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Thursday, July 2, 1998 Published at 15:32 GMT 16:32 UK


The health of the nation



The NHS has made a tremendous difference to the health of the nation. But, says BBC Health Correspondent Fergus Walsh, it could do even better with our help.

Modern healthcare and medical technology have helped transform the health of the nation in the last 50 years.

Life expectancy has increased by just over seven years for men and by more than eight years for women. Children were five times as likely to die in infancy in 1948 than today.

And many killer diseases like TB and influenza have either been defeated or at least brought under control.


[ image:  ]
Much of this success is less down to the creation of the National Health Service (NHS) and more to an accident of timing.

The development of the NHS coincided with the widespread introduction of new drugs like penicillin, which transformed the way infectious diseases could be fought. The development of vaccines against polio, measles and other diseases dramatically improved our health.

Few can comprehend the advances made in healthcare over the last five decades.

"It's difficult for people now to imagine a world without antibiotics, in which people died of infection all the time," says Dr Leslie Temple who qualified in the 30s.

In the decade before the polio vaccine was introduced there were 45,000 cases. Since 1985 there have been fewer than 40.


Dr John Marks remembers his first day in the NHS.
John Marks qualified as a doctor on day the NHS itself came into operation, and clearly remembers the scene:

"We had wards and wards full of people with tuberculosis, crippled with rheumatic fever, people dying of streptococcal infections. We had an enormous unmet need," he recalls.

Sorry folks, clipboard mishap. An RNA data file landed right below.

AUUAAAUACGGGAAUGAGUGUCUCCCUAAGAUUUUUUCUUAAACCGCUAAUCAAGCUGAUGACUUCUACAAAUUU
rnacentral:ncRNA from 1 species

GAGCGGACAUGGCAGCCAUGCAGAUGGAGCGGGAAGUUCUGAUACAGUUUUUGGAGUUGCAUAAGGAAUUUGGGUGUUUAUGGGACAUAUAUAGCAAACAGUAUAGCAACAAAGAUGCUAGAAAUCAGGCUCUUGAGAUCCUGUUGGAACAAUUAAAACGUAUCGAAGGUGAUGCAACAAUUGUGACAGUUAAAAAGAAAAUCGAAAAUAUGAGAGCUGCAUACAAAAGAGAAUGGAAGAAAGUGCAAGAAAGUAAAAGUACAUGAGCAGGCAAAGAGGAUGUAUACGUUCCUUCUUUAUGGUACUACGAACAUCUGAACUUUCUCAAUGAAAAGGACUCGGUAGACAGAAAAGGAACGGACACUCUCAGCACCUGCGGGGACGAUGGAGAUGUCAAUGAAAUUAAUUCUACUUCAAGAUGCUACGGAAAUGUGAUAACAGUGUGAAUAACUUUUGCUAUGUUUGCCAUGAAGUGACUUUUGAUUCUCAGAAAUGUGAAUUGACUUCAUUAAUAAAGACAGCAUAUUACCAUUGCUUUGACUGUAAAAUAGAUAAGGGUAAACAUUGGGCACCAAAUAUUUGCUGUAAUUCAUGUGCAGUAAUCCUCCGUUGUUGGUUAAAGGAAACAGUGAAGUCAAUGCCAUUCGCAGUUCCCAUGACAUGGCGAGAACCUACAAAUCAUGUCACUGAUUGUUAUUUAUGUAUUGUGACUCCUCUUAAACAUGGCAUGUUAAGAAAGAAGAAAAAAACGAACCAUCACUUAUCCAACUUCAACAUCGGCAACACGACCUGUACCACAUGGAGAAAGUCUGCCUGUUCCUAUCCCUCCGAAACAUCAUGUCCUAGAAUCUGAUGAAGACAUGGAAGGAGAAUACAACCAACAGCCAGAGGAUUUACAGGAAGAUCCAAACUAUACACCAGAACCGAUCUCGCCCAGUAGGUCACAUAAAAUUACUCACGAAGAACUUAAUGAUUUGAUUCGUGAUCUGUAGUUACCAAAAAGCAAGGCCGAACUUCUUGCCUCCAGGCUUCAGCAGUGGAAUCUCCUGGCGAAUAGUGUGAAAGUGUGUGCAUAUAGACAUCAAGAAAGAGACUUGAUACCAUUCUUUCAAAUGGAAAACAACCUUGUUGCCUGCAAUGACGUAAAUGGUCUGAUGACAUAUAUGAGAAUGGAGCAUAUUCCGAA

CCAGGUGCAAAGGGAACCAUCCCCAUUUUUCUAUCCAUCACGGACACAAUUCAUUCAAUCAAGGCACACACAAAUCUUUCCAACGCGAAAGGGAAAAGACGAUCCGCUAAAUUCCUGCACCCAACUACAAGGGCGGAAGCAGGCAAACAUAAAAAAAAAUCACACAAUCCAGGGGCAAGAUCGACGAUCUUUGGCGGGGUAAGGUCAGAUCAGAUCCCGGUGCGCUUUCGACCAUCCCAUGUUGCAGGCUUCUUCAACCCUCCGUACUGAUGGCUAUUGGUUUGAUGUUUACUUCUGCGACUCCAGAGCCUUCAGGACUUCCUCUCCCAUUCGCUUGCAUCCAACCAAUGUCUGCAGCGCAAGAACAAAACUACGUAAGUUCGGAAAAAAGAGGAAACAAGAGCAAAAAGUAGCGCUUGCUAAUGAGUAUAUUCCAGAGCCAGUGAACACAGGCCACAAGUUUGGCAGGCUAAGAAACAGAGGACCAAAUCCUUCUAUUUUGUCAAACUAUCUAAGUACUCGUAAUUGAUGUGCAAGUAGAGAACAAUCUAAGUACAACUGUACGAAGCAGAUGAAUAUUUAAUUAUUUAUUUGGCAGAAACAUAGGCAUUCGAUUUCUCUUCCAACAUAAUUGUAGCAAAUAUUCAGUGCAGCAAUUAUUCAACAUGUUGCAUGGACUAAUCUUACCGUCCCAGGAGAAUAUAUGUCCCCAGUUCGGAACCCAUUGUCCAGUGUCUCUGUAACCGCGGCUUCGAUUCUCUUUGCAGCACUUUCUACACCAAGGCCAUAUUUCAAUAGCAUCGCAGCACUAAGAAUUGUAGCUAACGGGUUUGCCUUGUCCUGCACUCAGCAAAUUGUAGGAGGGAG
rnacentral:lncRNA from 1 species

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Antibiotics have been so successful, it has completely changed the way illness is managed. We now spend much less time in hospital. The average stay these days is just seven days, down from 45 days in 1951.

The NHS was born out of a society in the grip of post-war austerity and poverty with appalling housing and social conditions. As the wealth of the nation recovered - we are now three times richer - so the health of Britons also improved.


Dr Geoffery Rivett, former health civil servant, charts the development of healthcare.
But could we do more to improve our health?

Crucially, fewer people are smoking - nearly half of all adults smoked in 1974 and that figure has been reduced to about 1 in 4. But worryingly, more youngsters are taking up the habit.

We are less physically active than previous generations - surveys suggest that six out of ten men and seven out of ten women do not do enough exercise.

Children no longer walk to school and their parents are less likely than ever to have a job involving manual labour. And too many people eat too much of the wrong type of foods. Despite a dazzling array of fresh produce, we are still not eating enough fresh fruit and vegetables which can have a major impact in reducing mortality from heart disease and cancer.

It is hardly surprising then that we are getting fatter.

Dr Susan Jebb, head of obesity research at the Medical Research Council's Dunn Clinical Nutrition Centre, says: " Obesity is the greatest public health problem in the UK today and the rate of increase in the prevalence among all age groups is alarming."

About 15% of men and 16% of women are classified as obese, and one analysis has calculated that the cost to the NHS of treating the health-related problems is in excess of 1m a week.


[ image:  ]
So we are not doing enough to help ourselves. But we all expect the NHS to be there to pick up the pieces when something goes wrong. Perhaps the NHS should be re-christened the National Ill-Health Service.

Health experts recognise that more emphasis must be placed on preventative medicine and encouraging all of us to take our health in our own hands.

To this end, the government has published a strategy for improving the general health of the population. It has four broad targets - covering heart disease and strokes, cancers, accidents and mental health - which, If they are met, should prevent 15,000 premature deaths a year.

With our help, the NHS can do better.

Source of figures: Office for National Statistics, Registrar General (1948), General Register Office (Northern Ireland) General Register Office (Scotland)



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